Paraguay moves its embassy back to Tel Aviv
Foreign minister's announcement comes as new President Mario Abdo Benitez looks to reset country's Middle East policy.
Paraguay will return its embassy back to Tel Aviv from Jerusalem, reversing a contentious decision taken months ago by the previous government.
"Paraguay wants to contribute to an intensification of regional diplomatic efforts to achieve a broad, fair and lasting peace in the Middle East," Foreign Minister Luis Alberto Castiglioni said on Wednesday.
In response, Israel announced it will close its embassy in Paraguay and recall its ambassador, the Haaretz newspaper quoted Prime Minister Benjamin Netanyahu's office as saying.
The Palestinians, meanwhile, will "immediately" open an embassy in Paraguay, Foreign Affairs Minister Riyad al-Maliki said, according to the official news agency Wafa.
Al-Maliki hailed Paraguay's change of mind as "a new Palestinian diplomatic achievement".
Paraguay's former President Horacio Cartes travelled to Jerusalem to inaugurate the embassy in May. But Cartes' successor, Mario Abdo Benitez, also a member of the conservative Colorado party, took office last month and reversed the decision.
"So much for the everlasting friendship between Paraguay and Israel, professed by Benjamin Netanyahu ... in May, when Paraguay's former president Horacio Cartes decided to move its embassy from Tel Aviv to Jerusalem," Al Jazeera's Lucia Newman said.
"At that time many people couldn't find a logical explanation [for that decision], there has been very, strong speculation that there might have been an economic incentive.
"But now there is a new president, Mario Abdo .. [and] he says he is putting things back to where they were, he says that he wants Paraguay to contribute to regional efforts to help bring about a diplomatic and lasting solution to the conflict in the Middle East."
"Paraguay is a country of principle," Abdo said on Twitter. "We will always be respectful with international law," he added.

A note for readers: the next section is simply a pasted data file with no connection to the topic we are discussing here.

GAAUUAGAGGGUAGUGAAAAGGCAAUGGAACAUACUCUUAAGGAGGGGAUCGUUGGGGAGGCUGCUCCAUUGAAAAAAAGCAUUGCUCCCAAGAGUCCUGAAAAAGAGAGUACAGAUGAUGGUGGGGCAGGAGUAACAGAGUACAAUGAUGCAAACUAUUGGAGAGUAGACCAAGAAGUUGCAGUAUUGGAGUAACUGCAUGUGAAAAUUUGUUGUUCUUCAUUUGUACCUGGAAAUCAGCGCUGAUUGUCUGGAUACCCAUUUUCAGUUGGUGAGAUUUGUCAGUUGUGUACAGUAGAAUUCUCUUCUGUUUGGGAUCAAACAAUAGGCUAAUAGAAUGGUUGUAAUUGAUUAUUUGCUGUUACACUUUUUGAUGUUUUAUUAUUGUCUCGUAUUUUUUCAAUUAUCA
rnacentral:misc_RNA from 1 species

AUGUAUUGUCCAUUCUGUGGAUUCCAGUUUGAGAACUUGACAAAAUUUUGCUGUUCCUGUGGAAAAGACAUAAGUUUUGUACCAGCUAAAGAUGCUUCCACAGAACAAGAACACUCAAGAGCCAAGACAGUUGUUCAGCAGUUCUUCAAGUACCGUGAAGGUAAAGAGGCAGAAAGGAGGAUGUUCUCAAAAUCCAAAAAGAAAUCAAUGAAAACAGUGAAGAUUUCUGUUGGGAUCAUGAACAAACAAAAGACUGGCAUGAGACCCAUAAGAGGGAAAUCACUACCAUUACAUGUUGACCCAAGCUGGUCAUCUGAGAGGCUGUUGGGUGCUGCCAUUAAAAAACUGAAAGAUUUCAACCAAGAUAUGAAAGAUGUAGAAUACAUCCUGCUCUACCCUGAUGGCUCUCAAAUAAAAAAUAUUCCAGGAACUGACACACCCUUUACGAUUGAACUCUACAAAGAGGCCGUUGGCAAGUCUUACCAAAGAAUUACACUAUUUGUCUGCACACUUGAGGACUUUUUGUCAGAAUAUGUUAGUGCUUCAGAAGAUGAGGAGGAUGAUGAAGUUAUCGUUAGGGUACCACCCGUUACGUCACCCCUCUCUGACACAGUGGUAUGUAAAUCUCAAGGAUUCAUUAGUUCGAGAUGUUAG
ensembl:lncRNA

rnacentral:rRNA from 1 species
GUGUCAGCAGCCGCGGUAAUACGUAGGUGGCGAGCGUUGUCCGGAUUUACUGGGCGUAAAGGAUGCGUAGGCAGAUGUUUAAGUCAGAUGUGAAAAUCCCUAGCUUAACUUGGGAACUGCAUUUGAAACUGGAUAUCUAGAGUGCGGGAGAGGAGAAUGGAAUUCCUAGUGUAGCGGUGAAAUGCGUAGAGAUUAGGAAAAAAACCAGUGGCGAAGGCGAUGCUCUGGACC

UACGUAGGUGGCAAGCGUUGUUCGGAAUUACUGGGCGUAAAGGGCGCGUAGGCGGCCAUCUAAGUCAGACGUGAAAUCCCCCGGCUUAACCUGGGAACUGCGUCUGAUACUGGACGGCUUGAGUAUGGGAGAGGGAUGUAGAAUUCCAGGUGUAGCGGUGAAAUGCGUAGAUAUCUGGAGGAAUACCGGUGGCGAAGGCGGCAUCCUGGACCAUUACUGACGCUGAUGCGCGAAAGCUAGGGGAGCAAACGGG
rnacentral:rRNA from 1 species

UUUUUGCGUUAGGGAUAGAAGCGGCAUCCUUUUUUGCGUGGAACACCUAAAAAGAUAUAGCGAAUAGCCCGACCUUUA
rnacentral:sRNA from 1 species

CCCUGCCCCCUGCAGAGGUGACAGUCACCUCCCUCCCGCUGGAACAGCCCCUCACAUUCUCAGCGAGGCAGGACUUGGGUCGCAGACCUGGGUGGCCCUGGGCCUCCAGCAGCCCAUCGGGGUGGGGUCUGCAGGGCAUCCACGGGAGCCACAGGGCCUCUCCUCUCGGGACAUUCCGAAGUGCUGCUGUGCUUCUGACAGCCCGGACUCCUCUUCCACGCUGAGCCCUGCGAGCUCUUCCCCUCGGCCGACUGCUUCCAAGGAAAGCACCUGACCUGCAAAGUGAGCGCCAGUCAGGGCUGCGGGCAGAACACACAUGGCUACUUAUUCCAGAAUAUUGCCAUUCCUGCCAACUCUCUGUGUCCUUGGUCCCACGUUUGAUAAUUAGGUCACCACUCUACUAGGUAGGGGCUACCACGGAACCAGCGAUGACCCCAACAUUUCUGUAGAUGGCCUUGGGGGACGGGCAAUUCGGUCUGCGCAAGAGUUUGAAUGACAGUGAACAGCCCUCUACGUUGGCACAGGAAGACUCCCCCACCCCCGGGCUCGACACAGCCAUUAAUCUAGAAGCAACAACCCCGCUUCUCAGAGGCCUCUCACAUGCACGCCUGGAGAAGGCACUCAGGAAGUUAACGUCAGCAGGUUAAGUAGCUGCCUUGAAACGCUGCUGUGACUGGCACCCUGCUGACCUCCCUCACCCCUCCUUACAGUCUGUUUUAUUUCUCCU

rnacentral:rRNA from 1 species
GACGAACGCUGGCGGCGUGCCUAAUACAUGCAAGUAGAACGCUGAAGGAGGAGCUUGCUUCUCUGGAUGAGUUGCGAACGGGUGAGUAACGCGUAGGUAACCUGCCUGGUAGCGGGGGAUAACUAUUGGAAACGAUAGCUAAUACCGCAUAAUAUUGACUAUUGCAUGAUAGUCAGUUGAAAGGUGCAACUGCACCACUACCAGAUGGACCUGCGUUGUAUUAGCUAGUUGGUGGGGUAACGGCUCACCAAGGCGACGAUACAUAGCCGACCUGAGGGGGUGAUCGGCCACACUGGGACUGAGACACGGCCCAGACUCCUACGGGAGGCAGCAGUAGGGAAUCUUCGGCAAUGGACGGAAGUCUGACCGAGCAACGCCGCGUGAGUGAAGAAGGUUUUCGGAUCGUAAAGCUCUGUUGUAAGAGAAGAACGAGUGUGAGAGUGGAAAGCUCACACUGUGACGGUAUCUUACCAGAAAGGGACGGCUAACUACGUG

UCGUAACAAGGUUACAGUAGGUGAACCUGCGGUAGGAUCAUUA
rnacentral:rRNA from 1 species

In December, US President Donald Trump recognised Jerusalem as Israel's capital, reversing decades of American policy and upsetting the Arab world and Western allies. The US opened a new embassy in the city on May 14. Two days later, Guatemala also opened its embassy in Jerusalem.
The decision by the three countries was hailed as a political victory by Israel as it pressed other countries to recognise Jerusalem as its capital.
But the relocations drew Palestinian and international anger. Deadly protests in Gaza and the West Bank also took place.
Palestinian leaders see East Jerusalem as the capital of their future state and said Trump's move disqualified Washington as a peace mediator.
Previous US presidents, as well as nearly every other country, refrained from opening embassies in Jerusalem, saying the city's final status should first be resolved through Israeli-Palestinian negotiations.
Saeb Erekat, secretary-general of the executive committee of the Palestine Liberation Organization, had condemned the opening of the Paraguayan embassy in Jerusalem.
"We have witnessed today how the Paraguayan president is an irresponsible political leader by defying international law and the achievement of a just and lasting peace in the Middle East," he said.
Netanyahu has attempted to persuade other countries to follow the US' lead.
On Wednesday - while meeting Bulgarian Prime Minister Boyko Borissov - Netanyahu said: "I appreciate your decision to open an honorary consulate in Jerusalem, and I hope, I hope, I hope it's the first step towards establishing the Bulgarian embassy in Jerusalem."